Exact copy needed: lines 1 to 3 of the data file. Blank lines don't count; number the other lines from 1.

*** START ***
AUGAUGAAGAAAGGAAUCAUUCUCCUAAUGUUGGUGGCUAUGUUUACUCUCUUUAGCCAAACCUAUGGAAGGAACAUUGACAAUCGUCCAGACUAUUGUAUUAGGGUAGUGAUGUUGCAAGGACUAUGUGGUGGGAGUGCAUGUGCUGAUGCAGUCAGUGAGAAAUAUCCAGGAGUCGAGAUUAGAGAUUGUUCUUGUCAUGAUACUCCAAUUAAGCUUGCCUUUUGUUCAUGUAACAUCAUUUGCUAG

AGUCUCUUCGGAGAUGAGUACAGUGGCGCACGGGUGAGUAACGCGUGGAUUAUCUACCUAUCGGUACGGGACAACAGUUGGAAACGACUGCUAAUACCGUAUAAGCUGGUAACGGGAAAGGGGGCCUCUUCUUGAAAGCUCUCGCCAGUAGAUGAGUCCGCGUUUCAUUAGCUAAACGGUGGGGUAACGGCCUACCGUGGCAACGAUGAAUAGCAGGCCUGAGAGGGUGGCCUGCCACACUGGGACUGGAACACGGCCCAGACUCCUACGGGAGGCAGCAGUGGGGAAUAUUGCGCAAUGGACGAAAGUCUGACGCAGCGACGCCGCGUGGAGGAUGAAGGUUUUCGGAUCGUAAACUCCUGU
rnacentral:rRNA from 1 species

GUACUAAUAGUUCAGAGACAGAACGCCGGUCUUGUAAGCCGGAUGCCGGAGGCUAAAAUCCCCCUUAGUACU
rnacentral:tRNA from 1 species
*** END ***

AUGAUGAAGAAAGGAAUCAUUCUCCUAAUGUUGGUGGCUAUGUUUACUCUCUUUAGCCAAACCUAUGGAAGGAACAUUGACAAUCGUCCAGACUAUUGUAUUAGGGUAGUGAUGUUGCAAGGACUAUGUGGUGGGAGUGCAUGUGCUGAUGCAGUCAGUGAGAAAUAUCCAGGAGUCGAGAUUAGAGAUUGUUCUUGUCAUGAUACUCCAAUUAAGCUUGCCUUUUGUUCAUGUAACAUCAUUUGCUAG

AGUCUCUUCGGAGAUGAGUACAGUGGCGCACGGGUGAGUAACGCGUGGAUUAUCUACCUAUCGGUACGGGACAACAGUUGGAAACGACUGCUAAUACCGUAUAAGCUGGUAACGGGAAAGGGGGCCUCUUCUUGAAAGCUCUCGCCAGUAGAUGAGUCCGCGUUUCAUUAGCUAAACGGUGGGGUAACGGCCUACCGUGGCAACGAUGAAUAGCAGGCCUGAGAGGGUGGCCUGCCACACUGGGACUGGAACACGGCCCAGACUCCUACGGGAGGCAGCAGUGGGGAAUAUUGCGCAAUGGACGAAAGUCUGACGCAGCGACGCCGCGUGGAGGAUGAAGGUUUUCGGAUCGUAAACUCCUGU
rnacentral:rRNA from 1 species